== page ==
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2011-08-04 digital edition

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2011-08-04 / General Stories

It’s All In The Words Home Country

Slim Randles

You would think that having a mother who is a writer, my children would be fairly competent when it comes to the English language. Spelling, grammar and vocabulary should be strengths for them because I correct them constantly.

“Son, ‘He ain’t got no brains or nothing’ is not the correct way to say that your brother is an idiot.”

This tests not only my own English savvy, but also my parenting skills. Should I correct the insult to his brother or the insult to the English language? Though triple negatives make me cringe into my turtleneck, personal insults are just plain unacceptable. However, trying to dissect the statement to determine whether it was indeed an insult hurts my brain. The intent was obvious, but until I decide whether it was truly an insult, I can only correct the sentence.

My daughter has an interesting grasp of vocabulary. I’m almost certain it’s not English vocabulary, though. We were driving in my car. She suddenly sat up with a big smile and asked if we could go for ice cream. I told her that I’m on a diet. She deflated like a balloon. I told her we could go to a place that had sugar- free ice cream. She reinflated. then she laughed.

“I’m bilateral, aren’t I?” she asked.

“I’m afraid I don’t see the connection,” I said, puzzled. “You know, I switch moods very fast.”

“Do you mean bipolar?” I asked. “ Oh yeah,” she said. “Bilateral means you can speak two languages, right?” “Nope.” I smiled. “That’s bilingual.” “Oh, phooey!” she sighed.

“If it’s any consolation,” I said, “you probably are bilingual. I just don’t know what the other language is.”

My fourteen-year old has an obsession with the words always, never, all and none. He rarely means these words, but exaggeration sounds better to him. “ All the kids in middle school took drugs,” he said. He was trying to impress upon me the dangers of public school. I knew his intention, but I couldn’t let it go without correcting him. “You mean to say that some or a few kids in middle school took drugs, right?”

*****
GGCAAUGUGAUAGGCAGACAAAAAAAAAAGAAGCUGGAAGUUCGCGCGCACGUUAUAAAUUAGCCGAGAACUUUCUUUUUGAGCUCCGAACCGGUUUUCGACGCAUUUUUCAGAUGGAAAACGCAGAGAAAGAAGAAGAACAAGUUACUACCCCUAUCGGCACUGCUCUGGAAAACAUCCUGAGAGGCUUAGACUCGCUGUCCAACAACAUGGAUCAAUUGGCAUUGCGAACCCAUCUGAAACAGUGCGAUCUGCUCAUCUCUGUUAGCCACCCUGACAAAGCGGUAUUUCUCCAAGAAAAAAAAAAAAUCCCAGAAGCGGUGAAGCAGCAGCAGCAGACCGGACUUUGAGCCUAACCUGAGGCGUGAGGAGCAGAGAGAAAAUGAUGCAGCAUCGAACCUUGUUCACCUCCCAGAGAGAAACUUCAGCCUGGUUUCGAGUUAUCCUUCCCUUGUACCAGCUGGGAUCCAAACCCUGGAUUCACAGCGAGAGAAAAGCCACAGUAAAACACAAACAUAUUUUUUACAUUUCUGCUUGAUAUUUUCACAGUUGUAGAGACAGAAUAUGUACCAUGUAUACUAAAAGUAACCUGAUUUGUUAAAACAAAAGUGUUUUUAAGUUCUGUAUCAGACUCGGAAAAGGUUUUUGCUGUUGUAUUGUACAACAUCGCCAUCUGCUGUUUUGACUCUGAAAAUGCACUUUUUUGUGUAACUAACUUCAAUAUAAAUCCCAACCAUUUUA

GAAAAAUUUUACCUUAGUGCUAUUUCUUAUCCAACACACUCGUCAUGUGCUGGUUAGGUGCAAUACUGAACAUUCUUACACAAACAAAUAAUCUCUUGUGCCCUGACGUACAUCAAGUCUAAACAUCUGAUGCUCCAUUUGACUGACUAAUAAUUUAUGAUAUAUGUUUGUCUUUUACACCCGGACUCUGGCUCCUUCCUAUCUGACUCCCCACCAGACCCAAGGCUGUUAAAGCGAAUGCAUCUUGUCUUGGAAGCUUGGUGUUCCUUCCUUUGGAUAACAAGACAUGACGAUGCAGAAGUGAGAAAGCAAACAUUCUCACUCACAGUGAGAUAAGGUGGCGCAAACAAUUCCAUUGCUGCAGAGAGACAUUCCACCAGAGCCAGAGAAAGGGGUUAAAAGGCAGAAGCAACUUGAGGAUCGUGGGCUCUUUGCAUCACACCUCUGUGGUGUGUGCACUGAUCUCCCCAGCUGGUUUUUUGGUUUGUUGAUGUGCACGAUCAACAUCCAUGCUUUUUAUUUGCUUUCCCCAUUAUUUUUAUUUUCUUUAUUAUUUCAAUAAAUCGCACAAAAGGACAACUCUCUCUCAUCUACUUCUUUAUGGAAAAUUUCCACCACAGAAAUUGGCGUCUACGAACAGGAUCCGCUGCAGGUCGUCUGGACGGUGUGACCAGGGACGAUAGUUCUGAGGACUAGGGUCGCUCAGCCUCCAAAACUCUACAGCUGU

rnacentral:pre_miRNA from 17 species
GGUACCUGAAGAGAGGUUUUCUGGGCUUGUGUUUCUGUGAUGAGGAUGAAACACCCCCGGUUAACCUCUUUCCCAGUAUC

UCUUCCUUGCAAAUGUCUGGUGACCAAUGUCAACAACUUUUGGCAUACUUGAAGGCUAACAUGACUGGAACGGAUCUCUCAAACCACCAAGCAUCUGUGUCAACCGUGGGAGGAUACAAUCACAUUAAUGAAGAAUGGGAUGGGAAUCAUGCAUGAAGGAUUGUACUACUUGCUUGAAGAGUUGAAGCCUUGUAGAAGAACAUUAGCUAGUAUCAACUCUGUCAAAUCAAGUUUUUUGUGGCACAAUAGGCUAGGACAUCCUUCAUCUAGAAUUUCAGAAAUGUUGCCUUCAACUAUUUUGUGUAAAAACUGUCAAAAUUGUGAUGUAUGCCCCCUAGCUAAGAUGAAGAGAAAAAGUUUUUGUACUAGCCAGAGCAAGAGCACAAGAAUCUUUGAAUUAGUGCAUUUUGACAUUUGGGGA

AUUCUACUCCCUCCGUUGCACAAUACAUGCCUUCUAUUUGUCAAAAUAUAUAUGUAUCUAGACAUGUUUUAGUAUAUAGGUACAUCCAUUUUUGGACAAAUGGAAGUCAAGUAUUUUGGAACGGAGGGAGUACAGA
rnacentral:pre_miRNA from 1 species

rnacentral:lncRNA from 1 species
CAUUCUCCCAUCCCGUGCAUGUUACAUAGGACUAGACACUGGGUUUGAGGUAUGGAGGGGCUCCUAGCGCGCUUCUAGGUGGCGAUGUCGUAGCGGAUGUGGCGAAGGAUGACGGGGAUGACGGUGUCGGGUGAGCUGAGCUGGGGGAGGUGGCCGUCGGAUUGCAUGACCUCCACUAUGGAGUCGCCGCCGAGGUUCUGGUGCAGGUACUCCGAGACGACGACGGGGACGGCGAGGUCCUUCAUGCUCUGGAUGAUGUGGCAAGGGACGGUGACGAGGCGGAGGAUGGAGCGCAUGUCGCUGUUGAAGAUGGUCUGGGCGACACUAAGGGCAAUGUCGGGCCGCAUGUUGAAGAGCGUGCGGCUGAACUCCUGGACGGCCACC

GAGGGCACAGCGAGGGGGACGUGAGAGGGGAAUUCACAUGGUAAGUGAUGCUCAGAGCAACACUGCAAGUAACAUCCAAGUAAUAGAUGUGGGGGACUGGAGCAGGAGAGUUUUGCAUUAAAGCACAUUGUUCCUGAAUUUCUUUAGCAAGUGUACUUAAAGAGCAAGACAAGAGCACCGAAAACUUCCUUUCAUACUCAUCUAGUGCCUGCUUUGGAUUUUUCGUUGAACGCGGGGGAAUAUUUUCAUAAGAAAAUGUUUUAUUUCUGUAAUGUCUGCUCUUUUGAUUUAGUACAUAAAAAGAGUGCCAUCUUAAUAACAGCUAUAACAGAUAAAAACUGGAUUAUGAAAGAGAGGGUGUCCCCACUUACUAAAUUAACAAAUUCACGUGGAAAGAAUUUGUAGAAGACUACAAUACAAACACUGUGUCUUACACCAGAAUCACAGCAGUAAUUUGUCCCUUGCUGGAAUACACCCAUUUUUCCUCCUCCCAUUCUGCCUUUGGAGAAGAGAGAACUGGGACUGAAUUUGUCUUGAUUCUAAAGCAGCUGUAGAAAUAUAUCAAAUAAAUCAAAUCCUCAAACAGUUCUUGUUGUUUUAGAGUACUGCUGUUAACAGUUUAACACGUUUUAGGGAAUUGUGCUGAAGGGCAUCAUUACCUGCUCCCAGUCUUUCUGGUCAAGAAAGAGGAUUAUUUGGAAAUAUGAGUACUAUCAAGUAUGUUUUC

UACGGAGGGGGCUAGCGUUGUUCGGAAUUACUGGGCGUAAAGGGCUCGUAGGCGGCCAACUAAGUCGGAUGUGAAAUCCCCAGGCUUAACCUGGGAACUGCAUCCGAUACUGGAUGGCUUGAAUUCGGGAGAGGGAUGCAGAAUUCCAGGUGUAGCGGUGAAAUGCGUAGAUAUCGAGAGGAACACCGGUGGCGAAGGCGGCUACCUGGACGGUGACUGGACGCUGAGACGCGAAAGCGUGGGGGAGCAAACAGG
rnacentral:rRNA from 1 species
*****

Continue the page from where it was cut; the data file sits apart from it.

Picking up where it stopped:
“No, all of them did,” he said.

“Were you in middle school?” “Yeeeessss,” he said, rolling his eyes.

“And did you take drugs?”

“No! Do I look stupid?”

“Then ALL the kids did not take drugs, right? Maybe you knew a lot that did?”

“That’s what I said!”

“No, that’s what you meant.”

And the endless loop of teenage conversation goes on.

My youngest boy is a selectively good speller. I noticed a sign on his bedroom door the other day. It was attached to the door with 700 bits of masking tape.

The sign read: DO NOT ENTER MY ROOM WITHOUT MY PERMISHON. Then he drew skull and crossbones and wrote underneath: INSTANTANEOUS DEATH!

I was very impressed with his correct spelling of “instantaneous” even though he mangled “permission.” I would have chastised him for threatening the members of our household with their certain and immediate demise, but reading further, I realized that perhaps his definition of “ instantaneous death” wasn’t the same as mine.

On a small scrap of paper taped under the first, he wrote a disclaimer. As I read, I realized that, for my son, “Instantaneous Death” apparently means “$10 or you have to do my chores for a week.” No wonder he acts like he’s dying when I ask him to clean his room.

Laura Snyder is a nationally syndicated columnist, author & speaker. You can reach Laura at lsnyder@lauraonlife.com Or visit her website www.lauraonlife.com for more info.

Things were going kinda slow down at the Fly Tying Love Center and it bothered Marvin Pincus a lot.

He found it hard to believe that, out of all the people in the valley, none of them needed love advice and the proper type of fishing fly to illustrate it. He had the sign made and put in the yard, and he’d obviously had great results with the Jones kid and good ol’ Dewey. Since Marvin’s advice to Dewey to shower before asking a girl for a date, Dewey Decker, the Fertilizer King, had had several dates with nice young women.

Now the fishing-fly earrings part of the business was going great. Women all over town were wearing dingle-dangle earrings with Marvin’s point-clipped fishing flies hanging therefrom. He learned that short ladies tended to go for the smaller dries, like Griffith’s Gnats and Royal Coachmen, and the taller ladies leaned toward salmon streamers. Some of the ladies slipped Marvin’s wife, Marjorie, a couple of bucks to help buy more feathers and hooks.

But on the love advice front, there was a dearth of heartbroken customers.

“What would you think,” Marvin said, “if I ran an ad in the Valley Weekly Miracle?”

“For what?” Marjorie said at breakfast.

“You know … love advice.”

“Well, you have the sign out front. I think everyone in the valley already knows about it.”

“But they’re not coming in.”

Marjorie smiled. “Honey, some people find it hard to talk to others about their personal problems. That’s probably it.”

Marvin got a piece of paper and began writing. Then he’d scratch it out and start again. This went on through both bacon and toast.

“How’s it coming, Honey?”

“About got it right, I think, Marge.”

“May I see it?”

He handed it to her.

The best love advice in the valley, tied up with the appropriate fishing fly. Call the Fly Tying Love Center for an appointment. Results guaranteed.

“What do you think?”

Marjorie just smiled and nodded her head. What she thought, however, was that retirement isn’t for sissies.

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